There’s even a special named after Donnie Burtless—“The Donnie”—which is a Buffalo version of pork belly steam buns (two for $8, pictured). I’m pretty jealous, but that would be my item of choice because it looks scrumptious.

Le Petit Poutine’s menu not available, but here’s the write-up from Buffalo Eats and a useful Yelp review from Jonathan S. of East Rochester:

The gravy was flavorful, and when mixed with fresh herbs it created the perfect blend on top of the crisp fries. Throw in the amazing cheese curds and you really do have a perfect snack, albeit a terribly messy one. There are only really 2 options on this menu. I was hoping there would be some variety that would have me coming back to try different things, but I guess I will have to settle for delicious poutine the next time I find the truck. Yum!

Ben T.‘s addition: There aren’t many options, but I can appreciate simplicity and limited options if those choices are delicious—which sounds like the consensus on Yelp. Hopefully Le Petit Poutine arrives with sausage gravy in tow.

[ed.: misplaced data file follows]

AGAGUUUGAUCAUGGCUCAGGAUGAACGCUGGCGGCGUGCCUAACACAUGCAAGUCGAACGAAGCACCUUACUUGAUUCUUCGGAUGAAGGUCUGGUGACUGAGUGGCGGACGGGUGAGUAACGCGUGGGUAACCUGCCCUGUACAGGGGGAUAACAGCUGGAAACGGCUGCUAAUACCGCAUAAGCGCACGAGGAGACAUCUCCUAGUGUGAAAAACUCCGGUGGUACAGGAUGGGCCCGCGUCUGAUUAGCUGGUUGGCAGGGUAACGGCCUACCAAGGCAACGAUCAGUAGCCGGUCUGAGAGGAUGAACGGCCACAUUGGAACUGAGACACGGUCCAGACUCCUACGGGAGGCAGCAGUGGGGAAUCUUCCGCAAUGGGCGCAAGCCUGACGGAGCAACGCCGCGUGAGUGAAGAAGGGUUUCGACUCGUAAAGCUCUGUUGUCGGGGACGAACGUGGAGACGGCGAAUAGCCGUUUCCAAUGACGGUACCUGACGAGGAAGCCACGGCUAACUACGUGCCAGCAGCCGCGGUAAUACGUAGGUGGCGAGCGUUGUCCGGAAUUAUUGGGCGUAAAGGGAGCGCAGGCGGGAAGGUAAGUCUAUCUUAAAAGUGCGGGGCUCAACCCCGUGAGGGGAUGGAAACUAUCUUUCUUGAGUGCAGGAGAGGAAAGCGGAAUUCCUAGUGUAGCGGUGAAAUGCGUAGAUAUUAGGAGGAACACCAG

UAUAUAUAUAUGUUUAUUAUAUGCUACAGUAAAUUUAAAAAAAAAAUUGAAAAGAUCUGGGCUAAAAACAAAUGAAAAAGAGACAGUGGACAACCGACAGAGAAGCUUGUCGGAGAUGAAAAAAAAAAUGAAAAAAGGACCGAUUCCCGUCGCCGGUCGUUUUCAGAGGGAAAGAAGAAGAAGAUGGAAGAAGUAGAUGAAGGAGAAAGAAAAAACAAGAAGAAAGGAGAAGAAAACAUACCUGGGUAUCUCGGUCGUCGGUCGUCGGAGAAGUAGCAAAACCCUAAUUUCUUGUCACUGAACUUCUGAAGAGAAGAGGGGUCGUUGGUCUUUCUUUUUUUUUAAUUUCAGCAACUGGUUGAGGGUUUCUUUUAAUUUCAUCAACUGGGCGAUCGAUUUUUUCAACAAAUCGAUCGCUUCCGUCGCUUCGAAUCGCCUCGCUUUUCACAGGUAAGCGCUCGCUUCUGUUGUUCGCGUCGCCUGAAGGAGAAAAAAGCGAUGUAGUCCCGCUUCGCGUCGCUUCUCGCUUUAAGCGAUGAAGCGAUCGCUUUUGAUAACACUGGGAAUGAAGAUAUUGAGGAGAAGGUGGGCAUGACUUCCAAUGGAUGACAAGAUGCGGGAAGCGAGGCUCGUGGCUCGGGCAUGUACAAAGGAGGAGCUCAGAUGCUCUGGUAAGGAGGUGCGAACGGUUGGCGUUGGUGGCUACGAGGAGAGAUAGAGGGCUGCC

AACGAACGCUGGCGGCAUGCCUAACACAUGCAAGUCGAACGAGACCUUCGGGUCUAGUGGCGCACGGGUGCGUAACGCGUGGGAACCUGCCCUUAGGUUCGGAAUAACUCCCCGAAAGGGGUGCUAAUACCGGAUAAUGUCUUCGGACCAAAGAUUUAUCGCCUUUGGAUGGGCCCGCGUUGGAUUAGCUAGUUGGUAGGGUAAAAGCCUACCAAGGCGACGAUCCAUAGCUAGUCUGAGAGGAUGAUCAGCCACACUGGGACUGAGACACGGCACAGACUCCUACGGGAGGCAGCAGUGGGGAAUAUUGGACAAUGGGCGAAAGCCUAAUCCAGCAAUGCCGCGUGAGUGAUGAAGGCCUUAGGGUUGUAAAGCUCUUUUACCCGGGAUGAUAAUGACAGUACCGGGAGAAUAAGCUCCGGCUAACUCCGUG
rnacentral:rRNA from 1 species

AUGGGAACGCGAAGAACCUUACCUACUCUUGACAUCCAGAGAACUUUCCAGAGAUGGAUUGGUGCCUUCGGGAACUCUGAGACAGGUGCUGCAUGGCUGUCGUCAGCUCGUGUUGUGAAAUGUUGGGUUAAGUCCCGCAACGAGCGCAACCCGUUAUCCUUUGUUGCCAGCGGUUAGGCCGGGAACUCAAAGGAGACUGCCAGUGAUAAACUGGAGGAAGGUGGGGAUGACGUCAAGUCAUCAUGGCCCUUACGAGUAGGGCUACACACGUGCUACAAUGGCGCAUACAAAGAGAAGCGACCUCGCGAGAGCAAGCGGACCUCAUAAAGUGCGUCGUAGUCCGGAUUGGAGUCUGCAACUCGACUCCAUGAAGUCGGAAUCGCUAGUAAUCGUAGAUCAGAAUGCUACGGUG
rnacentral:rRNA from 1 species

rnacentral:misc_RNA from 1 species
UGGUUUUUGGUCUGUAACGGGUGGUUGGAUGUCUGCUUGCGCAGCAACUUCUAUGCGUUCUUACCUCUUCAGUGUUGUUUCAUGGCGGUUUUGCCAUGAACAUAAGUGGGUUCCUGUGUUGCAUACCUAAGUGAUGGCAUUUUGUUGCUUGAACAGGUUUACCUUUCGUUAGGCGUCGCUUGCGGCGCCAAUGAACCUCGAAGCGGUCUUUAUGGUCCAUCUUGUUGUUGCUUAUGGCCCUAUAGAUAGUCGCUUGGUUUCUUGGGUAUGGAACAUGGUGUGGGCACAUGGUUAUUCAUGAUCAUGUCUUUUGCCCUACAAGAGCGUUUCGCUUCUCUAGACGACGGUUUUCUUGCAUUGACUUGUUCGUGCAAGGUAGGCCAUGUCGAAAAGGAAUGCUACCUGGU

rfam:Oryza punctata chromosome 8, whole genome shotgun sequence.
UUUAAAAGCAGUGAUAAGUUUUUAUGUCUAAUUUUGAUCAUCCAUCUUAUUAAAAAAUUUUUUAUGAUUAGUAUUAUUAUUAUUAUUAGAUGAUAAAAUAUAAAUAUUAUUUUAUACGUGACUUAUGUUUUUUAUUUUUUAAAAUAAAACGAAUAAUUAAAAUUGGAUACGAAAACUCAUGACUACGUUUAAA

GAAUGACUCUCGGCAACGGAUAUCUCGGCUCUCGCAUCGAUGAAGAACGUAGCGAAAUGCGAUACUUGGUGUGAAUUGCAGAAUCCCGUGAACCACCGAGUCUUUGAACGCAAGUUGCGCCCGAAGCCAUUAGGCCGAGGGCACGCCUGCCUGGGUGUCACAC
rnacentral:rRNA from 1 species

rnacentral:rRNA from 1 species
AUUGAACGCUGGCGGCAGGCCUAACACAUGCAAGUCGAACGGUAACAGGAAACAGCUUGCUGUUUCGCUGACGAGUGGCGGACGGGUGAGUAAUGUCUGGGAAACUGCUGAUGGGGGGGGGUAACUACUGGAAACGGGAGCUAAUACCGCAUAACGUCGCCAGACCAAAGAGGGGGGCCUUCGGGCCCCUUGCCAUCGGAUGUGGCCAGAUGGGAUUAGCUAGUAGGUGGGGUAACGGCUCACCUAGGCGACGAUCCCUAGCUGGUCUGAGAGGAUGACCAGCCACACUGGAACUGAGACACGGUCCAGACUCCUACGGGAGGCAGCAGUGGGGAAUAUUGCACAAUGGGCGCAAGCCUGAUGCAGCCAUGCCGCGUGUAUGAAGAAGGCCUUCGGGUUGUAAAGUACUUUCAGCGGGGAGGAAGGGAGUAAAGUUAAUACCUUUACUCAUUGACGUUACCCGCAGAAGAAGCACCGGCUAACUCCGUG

Marty’s Meats has an absolutely giant menu, and we’re not certain if the truck will be offering sandwiches or late-night cuisine.

Regardless, Ben T. is pulling for the Robby J specialty sandwich: $7—Smoked pork shoulder, Marty’s Red Pepper Aioli, mozzarella cheese, broccoli rabe, chili flake.

**Finally, DJ Cutler will be spinning. I always feel bad because Cutler is almost always added as a footnote to any event, but he goes about his business and lets his DJing skills do the talking.

TAGGED: brick-n-motor, buffalo history museum, food truck rodeo, food trucks, greek on the street, j and l boulevard bbq, le petit poutine

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  1. Chris Lindstrom August 21, 2013 @ 3:30pm

    Based on Marty’s Meats Twitter feed, it looks like they’ll be serving up their beef tongue tacos for you guys. I’ve had them a few times in Rochester and it is one of the best preparations of tongue I’ve had and I’d almost consider it their signature dish at this point. Definitely give it a shot and don’t be scared away by the offal!